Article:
DEEP AND COMPLEX EMOTIONS

I have lately written a number of blog posts about emotions, stressing that different personality types deal differently with emotions, attach a different importance to them, even consider different events or experiences as emotions.

We know that different genres of literature are preferred by different types for reasons of topic, focus and length. Poets, song writers and short story writers – are able to express big messages in few words, and, of course, some topics need more words than others. Others need many words to paint their world, and some readers prefer to immerse in a fictional world.

Action stories tend to be page turners, full of physical excitement, in which characters respond to their environment, with the events following in close succession, with little or no time for personal relationships or emotions. Motivations – the stuff that entices people to act – tend to be external and driven by a survival need.

Even more so than action stories, hard science fiction either avoids emotions altogether or it describes them as objects of knowledge. The characters might have romantic relations, but these tend to be stated rather than felt. Hard science fiction after all, is based in the hard or exact sciences and their objective is to describe the science or technology possible for the future. – As opposed to social science fiction, which is based in the social sciences or humanities.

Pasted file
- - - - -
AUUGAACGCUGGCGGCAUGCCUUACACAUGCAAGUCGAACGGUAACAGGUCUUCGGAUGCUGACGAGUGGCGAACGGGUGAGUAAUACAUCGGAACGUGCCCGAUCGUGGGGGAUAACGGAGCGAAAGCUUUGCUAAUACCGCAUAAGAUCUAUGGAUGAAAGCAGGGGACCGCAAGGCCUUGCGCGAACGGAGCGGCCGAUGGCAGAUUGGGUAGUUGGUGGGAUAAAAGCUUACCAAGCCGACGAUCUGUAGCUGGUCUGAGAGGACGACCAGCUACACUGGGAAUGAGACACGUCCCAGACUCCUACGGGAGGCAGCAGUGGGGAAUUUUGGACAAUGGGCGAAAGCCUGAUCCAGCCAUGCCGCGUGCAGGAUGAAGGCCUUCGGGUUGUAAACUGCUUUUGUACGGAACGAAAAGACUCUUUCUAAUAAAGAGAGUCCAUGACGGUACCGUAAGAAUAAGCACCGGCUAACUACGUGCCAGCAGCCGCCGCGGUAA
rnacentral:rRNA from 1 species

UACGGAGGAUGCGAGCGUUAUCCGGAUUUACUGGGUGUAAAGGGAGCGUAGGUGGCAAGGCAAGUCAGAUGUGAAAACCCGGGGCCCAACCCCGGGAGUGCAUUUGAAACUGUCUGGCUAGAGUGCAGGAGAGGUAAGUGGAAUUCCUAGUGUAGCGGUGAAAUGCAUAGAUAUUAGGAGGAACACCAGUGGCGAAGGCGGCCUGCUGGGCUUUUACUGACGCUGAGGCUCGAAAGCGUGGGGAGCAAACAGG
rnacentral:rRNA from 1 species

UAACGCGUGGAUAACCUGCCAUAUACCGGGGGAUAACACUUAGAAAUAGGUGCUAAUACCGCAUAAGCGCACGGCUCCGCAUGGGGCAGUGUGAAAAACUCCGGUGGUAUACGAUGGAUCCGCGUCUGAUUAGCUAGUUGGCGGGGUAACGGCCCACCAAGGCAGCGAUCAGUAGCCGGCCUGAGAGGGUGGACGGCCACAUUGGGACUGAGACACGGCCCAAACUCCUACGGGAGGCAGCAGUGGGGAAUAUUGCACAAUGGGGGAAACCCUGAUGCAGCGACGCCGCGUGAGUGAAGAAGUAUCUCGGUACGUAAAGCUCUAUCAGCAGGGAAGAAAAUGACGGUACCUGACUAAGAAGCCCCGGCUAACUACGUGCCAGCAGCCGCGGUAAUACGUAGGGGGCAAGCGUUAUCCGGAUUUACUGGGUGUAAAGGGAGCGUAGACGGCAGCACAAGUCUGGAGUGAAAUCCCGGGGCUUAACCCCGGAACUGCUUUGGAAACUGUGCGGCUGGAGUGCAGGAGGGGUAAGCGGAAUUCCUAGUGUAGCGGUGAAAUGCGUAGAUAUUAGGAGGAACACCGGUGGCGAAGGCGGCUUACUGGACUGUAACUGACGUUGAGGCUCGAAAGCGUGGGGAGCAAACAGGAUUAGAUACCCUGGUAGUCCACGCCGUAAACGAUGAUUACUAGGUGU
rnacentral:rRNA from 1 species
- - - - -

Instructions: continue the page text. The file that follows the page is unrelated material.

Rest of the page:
The simple detective story, for example the books by Agatha Christie, feature characters that commit crimes motivated by either money or a romantic relationship (external objects). They tend to come to their drastic action without any of the emotional stages of doubt, guilt, remorse or conscience. Those on the side of the law – considering the setting is Britain in a time when the death penalty was common – show equally little concern for these emotions. They go by right or wrong, as if those are strictly objective, while true emotions are stereotyped or absent.

In contrast, Arthur Conan Doyle deals very well with emotions, especially those of Sherlock Holmes and Dr Watson, which are true emotions. But although more logically complex, the plots are not socially or emotionally complex.

Lindsey Davies, in her historical detective series set in Ancient Rome, manages to include the complexities of Roman society, but also the personal relations of the main character with his different family members and his partner. The size of each of Davies’ individual books reflects that extra depth.

Romance stories, though usually focused on the external object, sometimes deal with very deep emotions, but those tend to be limited to a few characters and they are seldom complex, because the objective is a “happily ever after”.